Watermarks on front and back fly-leaves: coat-of-arms with hatching (height 26 mm).
Full page: (245-250) x (162-166) mm.
Text space: varies, mostly (194-196) x (105-110) mm.
The text is written by Scribe A, except for leaves of different parchment, size and ruling. These were inserted into the original quires and written mainly by several later hands:
Hand 1: fols. 15, 118-119, 134. He also added piyyutim and a prayer in the margins (fols. 27v, 64v-65, 137), erased the piyyut 'ונתנה תוקף' (fols. 116v-117); erased 2 last lines on fol. 148v and 15 on fol. 149, and supplied another text instead (half of fol. 149, 153v line 6-155v).
Hand 2: fols. 80-81, inserted leaves.
Hand 3: fols. 122-128, inserted a quire.
Hand 4: fols. 129-131, 136, inserted leaves. He is the only decorator.
Vocaliser: Menahem ben Yehiel: added corrections in the margins in the same colour ink as the vowels (e.g. fols. 49, 140-148v).
The text is written in square Ashkenazi script in dark brown ink. Some piyyutim are arranged according to verses and refrains in 3-4 columns (e.g. 96v, 122-123v); the majority are written continuously, with apostrophes marking pauses between the verses.
The text is mostly written in one column.
Number of lines
The text is written in 31-32 lines per page, except for the inserted leaves with varying numbers of lines and a quire within quire XVI (fols. 122-128) with 25 lines per page.
Ruling in plummet, mostly 31 horizontal lines and 1+1 vertical lines. The ruling reflects the various arrangements of the text (e.g. fols. 2v, 30-31, 96v). Some horizontal lines are ruled across almost the entire page (e.g. fols. 6v, 23, 90v). The ruling of a quire within quire XVI is different (fols. 122-128): 26 horizontal and 2+1 vertical lines.
Noticeable in all margins. Top and bottom lines are double pricked. Fols. 114-133 (quire XVI): the inner margins are not pricked, except for the quire inserted within quire XVI (fols. 122-128), which has two rows of pricks in the inner margins. For the ruling of this inner quire the inner row was used while the outer row includes 23 pricks only, of which the 1st, 21st and the last are double pricked.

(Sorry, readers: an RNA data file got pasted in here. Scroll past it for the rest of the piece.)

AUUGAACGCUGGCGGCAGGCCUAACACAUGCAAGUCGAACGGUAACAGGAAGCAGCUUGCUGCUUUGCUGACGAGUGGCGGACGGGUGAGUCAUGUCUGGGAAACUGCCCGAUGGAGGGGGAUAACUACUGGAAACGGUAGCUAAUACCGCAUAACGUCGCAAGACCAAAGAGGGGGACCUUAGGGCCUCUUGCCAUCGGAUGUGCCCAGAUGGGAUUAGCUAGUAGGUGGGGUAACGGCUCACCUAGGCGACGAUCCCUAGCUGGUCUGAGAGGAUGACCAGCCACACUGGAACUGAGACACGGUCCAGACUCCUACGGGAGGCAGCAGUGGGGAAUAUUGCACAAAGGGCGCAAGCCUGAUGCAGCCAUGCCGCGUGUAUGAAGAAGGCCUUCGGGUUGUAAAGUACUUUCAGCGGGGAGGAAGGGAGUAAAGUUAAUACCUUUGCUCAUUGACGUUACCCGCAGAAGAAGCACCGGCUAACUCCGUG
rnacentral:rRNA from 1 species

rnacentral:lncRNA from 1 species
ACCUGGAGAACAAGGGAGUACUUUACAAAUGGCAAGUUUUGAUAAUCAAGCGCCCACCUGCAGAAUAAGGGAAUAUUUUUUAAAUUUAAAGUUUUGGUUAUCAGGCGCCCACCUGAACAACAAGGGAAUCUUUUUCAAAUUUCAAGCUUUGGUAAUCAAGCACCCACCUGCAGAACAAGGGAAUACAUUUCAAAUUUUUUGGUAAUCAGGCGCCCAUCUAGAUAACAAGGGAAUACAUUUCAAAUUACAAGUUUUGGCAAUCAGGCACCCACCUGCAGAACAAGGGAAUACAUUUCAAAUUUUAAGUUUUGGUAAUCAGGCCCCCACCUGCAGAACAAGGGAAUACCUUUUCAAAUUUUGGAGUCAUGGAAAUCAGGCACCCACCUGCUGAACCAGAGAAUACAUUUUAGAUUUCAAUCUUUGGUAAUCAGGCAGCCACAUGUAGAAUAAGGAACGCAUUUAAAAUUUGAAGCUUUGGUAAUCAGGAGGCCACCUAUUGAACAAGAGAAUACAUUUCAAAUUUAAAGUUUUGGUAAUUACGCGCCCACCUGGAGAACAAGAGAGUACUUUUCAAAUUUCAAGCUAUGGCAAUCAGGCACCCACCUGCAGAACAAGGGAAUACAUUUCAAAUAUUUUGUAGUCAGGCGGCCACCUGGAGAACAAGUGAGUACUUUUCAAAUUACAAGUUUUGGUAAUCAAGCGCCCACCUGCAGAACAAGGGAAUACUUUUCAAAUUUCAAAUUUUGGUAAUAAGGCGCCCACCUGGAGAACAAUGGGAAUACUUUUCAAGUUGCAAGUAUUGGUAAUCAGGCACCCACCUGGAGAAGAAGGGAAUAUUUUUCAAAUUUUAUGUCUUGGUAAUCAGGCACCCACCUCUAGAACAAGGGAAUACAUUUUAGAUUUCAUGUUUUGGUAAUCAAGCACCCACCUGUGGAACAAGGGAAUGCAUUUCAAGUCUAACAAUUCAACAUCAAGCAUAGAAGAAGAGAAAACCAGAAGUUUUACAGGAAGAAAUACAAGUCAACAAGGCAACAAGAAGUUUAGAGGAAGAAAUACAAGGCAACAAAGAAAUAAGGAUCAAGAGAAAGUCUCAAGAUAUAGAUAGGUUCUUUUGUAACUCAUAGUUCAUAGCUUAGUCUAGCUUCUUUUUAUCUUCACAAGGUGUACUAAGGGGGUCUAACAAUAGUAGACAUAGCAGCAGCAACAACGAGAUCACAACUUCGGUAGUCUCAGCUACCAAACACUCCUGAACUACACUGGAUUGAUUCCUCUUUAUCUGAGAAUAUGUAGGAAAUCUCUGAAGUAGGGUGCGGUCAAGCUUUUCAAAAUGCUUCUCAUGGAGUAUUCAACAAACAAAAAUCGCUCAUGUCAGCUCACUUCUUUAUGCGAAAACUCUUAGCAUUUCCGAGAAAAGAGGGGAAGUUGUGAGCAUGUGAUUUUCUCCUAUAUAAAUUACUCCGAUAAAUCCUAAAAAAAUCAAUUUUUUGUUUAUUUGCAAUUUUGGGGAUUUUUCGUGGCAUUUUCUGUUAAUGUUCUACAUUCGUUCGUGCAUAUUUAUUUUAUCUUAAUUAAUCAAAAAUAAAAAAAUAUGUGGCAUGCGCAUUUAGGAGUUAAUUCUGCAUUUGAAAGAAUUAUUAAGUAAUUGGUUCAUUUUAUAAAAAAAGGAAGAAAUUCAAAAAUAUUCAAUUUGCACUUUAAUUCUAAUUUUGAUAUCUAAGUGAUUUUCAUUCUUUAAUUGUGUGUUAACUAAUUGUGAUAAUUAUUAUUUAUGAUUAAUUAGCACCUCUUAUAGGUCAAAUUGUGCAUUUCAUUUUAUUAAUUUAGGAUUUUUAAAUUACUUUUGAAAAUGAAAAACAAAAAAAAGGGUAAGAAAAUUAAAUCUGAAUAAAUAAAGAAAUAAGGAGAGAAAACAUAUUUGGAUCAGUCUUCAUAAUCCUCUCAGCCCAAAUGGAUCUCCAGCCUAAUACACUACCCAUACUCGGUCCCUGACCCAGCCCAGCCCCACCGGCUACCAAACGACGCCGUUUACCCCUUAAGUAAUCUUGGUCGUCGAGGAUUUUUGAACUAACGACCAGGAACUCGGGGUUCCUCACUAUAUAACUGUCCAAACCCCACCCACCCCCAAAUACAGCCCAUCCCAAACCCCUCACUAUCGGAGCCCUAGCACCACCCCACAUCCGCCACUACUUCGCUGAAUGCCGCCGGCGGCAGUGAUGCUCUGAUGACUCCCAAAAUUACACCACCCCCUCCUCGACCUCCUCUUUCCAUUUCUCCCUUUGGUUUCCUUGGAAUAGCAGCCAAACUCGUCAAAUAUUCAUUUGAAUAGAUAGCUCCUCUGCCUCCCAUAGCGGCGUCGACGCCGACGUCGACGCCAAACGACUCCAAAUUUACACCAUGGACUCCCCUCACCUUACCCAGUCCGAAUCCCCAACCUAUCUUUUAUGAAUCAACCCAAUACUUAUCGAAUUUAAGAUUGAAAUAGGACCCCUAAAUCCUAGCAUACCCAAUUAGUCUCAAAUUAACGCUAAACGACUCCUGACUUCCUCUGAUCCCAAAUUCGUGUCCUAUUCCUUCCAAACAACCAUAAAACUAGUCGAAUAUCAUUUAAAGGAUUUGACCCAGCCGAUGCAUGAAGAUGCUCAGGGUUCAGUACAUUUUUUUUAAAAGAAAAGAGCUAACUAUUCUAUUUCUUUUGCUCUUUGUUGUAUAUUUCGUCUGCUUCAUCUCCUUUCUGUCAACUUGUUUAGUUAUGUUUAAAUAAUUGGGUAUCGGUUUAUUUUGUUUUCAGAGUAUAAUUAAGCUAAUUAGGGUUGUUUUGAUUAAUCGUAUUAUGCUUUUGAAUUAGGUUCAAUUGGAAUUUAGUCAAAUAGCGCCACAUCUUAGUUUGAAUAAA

20 quires of 8 leaves each except for: I4; II4-2, fol. 15, XII2+8, XVI20; XVII8+2, XIX2; XX2.
I4 (1-4); II4-2 (5-6: single leaves); III8 (7-14); 15 (half a leaf by Hand 1 its stub sewn to fol. 7); IV8 (16-23); V8 (24-31); VI8 (32-39); VII8 (40-47); VIII8 (48-55); IX8 (56-63); X8 (64-71); XI8 (72-79); XII2+8 (80-89: fols. 80, 81 are two single leaves written by Hand 2); XIII8 (90-97); XIV8 (98-105); XV8 (106-113); XVI20 (114-133: 3 quires a6 (fols. 116-121), b8-1 (fols. 122-128), by Hand 3, and c2+1 (fols. 129-131) are placed side by side in the centre of two bifolia (114/133 and 115/132). The first leaf of b8-1 and last of c2+1 (fols. 122 and 131) are single. Fols. 118-119, 129-131 are inserts of a different thin parchment written by Hands 1 and 4 respectively; XVII8+2 (134-143: fol. 134 is a single half leaf by Hand 1); fol. 136 is a single leaf by Hand 4); XVIII8 (144-151); XIX2 (152-153: 2 single leaves by Hand 1); XX2 (154-155: 2 single leaves by Hand 1).
Catchwords for quires are written in the lower left margin in square script by the scribe, mostly emphasised by double dots at the top.
Additional fols. 119v, 131v.
16th-century brown calf binding on wooden boards. Front and back are similarly blind-tooled with biblical figures, David playing the harp, the risen, blessing Christ, and St. Paulwith a book and sword, repeated within the outer frame. Floral scrolls within the inner frame. In the centre of the front cover is a rectangular gold-leaf portrait of Ottheinrich holding an open book and appearing in a window flanked by columns. Below is an inscription: "Ott Hainrich von G.G. (Gottes Gnaden) Pfaltzgrave Bey Rhein Hertzog in Nidern und Obern Bairn 1553". On the back cover is a central rectangle with Ottheinrich's coat-of-arms in gold leaf, with the letters M.D.Z. (Mit der Zeit) above and O.H.P. (Ott Heinrich Pfalzgraf) below.
The front and back covers have four metal corner bosses. Traces of two clasps on the outer edges of the front and back covers. The spine has three double cords and no head or tail bands.
This binding is typical of Ottheinrich's books and it was executed inHeidelbergin 1553 most probably by his bookbinder, Jörg Bernhardt of Görlitz (Mittler 1986, I:513-516; Wagner 2003:28-36, esp. 33; Schlechtez 2005:142-145).
For a similar binding see BSB, Cod.hebr. 421 (binding: 1553); only the scenes or figures in the outer frame are different (cf. Mittler 1986 II:151, 156, 160, and Heidelberg University Library, Cod. Pal. germ. 67 and 435; see also Remarks).
Restored in 2007.
By the later Hand 4, drawn on additional leaves (fols. 129, 130, 136):
- Pen-drawn scene of a hare chasing two dogs, one hiding (fol. 129v).
- A pen-drawn unicorn, a goat and a lamb running randomly (fol. 130v); a hybrid with two human heads, one on its back, and a dog biting its own hind leg (fol. 136v).